Monday, 26 October 2015

Emerging Technologies

Finished October 24
Emerging Technologies: A Primer for Librarians by Jennifer Koerber and Michael P. Sauers

This book begins with a discussion of the book's premise which is to provide a snapshot of new technology important to libraries and use that to show readers how to look at technology at it appears and gets applied in library environments. The chapters on technologies each have a brief overview of the technology giving background and current events, advantages and challenges to the technology's use in libraries, highlights of the most useful or well-known tools and/or devices in that technology and how libraries might use them, and some examples. The authors define emerging as those technologies just hitting the middle of the acceptance bell curve, so not leading edge, but also not mainstream. They also look at older technologies used in new ways.
The first technology they look at is audio/video. They cover hardware such as cameras and microphones, software such as screencasting, video-editing, and platforms such as Youtube, Vimeo, and Soundcloud. Uses include virtual library tours, training, memes, community engagement, events, and supporting makers.
The second technology is self-publishing. They look at the environment, platforms and tools, including some library-specific tools. There is discussion of the library's role.
The third technology is mobile technologies. Here the question is not if your library will use mobile technology, but which services should be provided. It looks at mobile websites and library apps, and proposes three sets of questions to ask: who creates and maintains the technology and its content; how are connections to third parties handled (ebooks, streaming media); and how is it serving, how are they accessing it, and what services does it provide. Hardware includes both the patrons' own as well as library-provided, through lending. Interfaces discusses range from native to apps to mobile web. Applications range from reference to ecommerce to collection access.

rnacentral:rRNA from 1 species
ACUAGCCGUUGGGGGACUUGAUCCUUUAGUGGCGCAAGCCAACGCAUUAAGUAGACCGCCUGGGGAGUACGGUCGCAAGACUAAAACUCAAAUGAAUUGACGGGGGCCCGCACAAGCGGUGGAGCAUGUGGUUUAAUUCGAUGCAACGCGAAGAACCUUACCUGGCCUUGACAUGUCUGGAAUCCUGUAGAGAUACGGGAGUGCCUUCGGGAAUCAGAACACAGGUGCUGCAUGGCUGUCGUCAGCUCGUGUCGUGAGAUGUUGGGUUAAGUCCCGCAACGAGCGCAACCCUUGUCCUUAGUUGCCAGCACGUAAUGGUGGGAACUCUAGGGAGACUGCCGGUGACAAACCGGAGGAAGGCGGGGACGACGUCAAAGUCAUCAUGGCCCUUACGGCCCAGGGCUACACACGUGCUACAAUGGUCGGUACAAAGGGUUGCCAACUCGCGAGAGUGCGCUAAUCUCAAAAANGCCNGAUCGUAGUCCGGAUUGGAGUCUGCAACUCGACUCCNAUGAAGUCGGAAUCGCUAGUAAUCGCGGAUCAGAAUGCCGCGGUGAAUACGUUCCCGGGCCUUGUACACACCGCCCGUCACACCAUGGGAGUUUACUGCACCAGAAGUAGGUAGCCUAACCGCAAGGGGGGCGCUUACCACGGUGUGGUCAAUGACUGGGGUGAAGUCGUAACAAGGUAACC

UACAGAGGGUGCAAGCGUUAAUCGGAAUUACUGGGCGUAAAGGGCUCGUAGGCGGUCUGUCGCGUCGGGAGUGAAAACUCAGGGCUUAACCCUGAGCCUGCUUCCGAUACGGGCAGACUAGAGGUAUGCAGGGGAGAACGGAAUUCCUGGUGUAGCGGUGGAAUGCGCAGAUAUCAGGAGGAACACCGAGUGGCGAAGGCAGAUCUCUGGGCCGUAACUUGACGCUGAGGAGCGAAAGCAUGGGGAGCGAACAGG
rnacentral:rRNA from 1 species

The fourth technology is crowdfunding and the main discussion is on platforms. Not all platforms allow non-profit use, and there is information on appropriate applications.
The fifth technology is wearables. Hardware includes activity trackers, life loggers, smart watches, and augmented and virtual reality. Not all uses discussed are patron-oriented. Some libraries use this technology for staff wellness programs.
The sixth technology is the Internet of Things. There is a long list of some that are becoming more common, but no library examples of use yet. Some ideas are given for future use by libraries.
The book now looks at the issue of privacy and security, noting that privacy is a core library ethic, and that it is part of our responsibility to help patrons learn how to keep their information secure as well as keeping public access computers as secure as possible. To do that, library staff have to know the basics themselves. Software includes browser controls and PAC resetting, as well as password managers, two factor authentication, and VPN.
The last chapter looks at how to apply this knowledge to other technologies as they emerge, and works on the basic ideas of read, play, and teach. Read widely, not just in the library field, but also social media, geek sources, and mainstream media. Play with technology by using devices in stores, reading instructions, pushing the buttons, spending time with different technologies and not being afraid. Teach by writing about what you learn, going beyond the basics, being prepared for random questions, knowing what next steps might be for learners, and setting goals for students in more formal settings. Several tools are mentioned here including Lynda, Gale Courses, edX, and Coursera.

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